State-of-the-art marine berths at the Palm Jumeriah in Dubai will be auctioned online.
Demand high for Dubai berths
ABU DHABI // A luxury marine developer in Dubai is confident of navigating the choppy seas of the global economic slowdown by offering an online auction of state-of-the-art berths at Anchor Marina, on Dubai's Palm Jumeriah. Island Global Yachting (IGY) believes it can persuade some of the world's biggest spenders to splash out as much as Dh600,000 (US$163,000) to moor their yachts at the ultimate seashore address.
Michael Horrigan, the chief executive at IGY for the Middle East and Europe, hopes the auction will generate the same sort of interest and telephone-figure bids that saw a number plate go for $15 million in Abu Dhabi earlier this year. "We know that demand for Anchor Marina will be high so we decided to explore new ways of leasing its berths to ensure a level playing field for interested parties - and the idea of an online auction site developed," said Mr Horrigan. "We are anticipating a huge demand for the berths and this has been considered the most transparent and fair way of launching the first tier of leases."
IGY would not reveal if it had a reserve price for the berths, or how much it expected to make from the online sale. The initial starting prices of the berths will depend on size and are yet to be disclosed. However, prices are expected to be more expensive than Dubai Marina, where there are no more berths available for lease and there is a waiting list of more than a year. To lease a berth at Dubai Marina, you must first be a member of the yacht club - membership costs Dh24,000 for the initiation fee and an additional Dh24,000 annually. The smallest berth, which spans eight metres, costs Dh19,000 a year to lease, while the largest is 35 metres and costs Dh126,000 a year - the equivalent of renting a luxury one-bedroom apartment at Jumeriah Beach Residence.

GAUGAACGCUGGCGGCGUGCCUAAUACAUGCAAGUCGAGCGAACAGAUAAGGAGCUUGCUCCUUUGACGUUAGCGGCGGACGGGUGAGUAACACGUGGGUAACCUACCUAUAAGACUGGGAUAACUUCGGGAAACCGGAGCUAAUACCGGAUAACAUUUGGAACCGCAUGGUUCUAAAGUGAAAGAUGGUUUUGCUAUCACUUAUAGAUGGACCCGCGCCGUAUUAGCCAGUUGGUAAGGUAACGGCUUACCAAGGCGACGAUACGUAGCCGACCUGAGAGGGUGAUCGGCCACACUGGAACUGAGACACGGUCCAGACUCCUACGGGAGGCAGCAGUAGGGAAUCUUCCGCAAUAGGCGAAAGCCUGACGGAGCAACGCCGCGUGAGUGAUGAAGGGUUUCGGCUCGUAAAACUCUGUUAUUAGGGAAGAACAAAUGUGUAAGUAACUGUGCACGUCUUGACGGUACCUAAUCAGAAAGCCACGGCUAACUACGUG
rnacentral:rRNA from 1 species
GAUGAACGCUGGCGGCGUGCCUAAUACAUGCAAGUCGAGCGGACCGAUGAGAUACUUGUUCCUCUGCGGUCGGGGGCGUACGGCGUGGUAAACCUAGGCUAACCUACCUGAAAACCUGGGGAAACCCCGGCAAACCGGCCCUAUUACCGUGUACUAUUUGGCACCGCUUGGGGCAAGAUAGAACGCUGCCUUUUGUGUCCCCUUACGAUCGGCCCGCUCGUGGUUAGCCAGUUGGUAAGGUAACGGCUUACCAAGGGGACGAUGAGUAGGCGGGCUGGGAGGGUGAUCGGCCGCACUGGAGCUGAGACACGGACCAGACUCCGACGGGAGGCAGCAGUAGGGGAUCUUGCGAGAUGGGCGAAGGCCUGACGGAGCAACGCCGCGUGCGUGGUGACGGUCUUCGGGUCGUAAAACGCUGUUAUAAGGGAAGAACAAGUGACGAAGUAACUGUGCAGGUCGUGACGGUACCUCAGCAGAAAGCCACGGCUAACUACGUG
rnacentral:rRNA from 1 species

Anchor Marina is scheduled to open in December and berths will be leased only to owners and residents of Palm Jumeriah. Since many property owners of the Palm Jumeriah live overseas, the website would allow them to comfortably take part in the week-long "frenzy", IGY said, adding that owners and residents would be limited to leasing one berth per property owner and leases would run for five years.
John Cardona, the director of marketing for IGY, said the company was confident of filling all the berths by the end of next year. "The demand for berths in Dubai is extremely high, while the supply is small," said Chris Turquan, a yacht broker at Bimini Brokers. "It is difficult for many boat owners to find a place for their boats, especially for large boats spanning 20 to 30 metres, where demand is especially high."
Anchor Marina has 590 berths for private yachts, measuring 10 metres to 30 metres in length. The developer has included modern elements such as spacious concrete pontoons and some of the most modern technology available to boat owners, including LED illumination, underwater lighting, wireless internet connections and concierge services. Property owners on Palm Jumeriah have been banned from sub-leasing their berths for extra cash and will be required to adhere to guidelines and collaborate with an IGY broker.
Prospective bidders can register at www.igyauctions.com from Oct 15. The auction will take place from Nov 1 to 7. email@example.com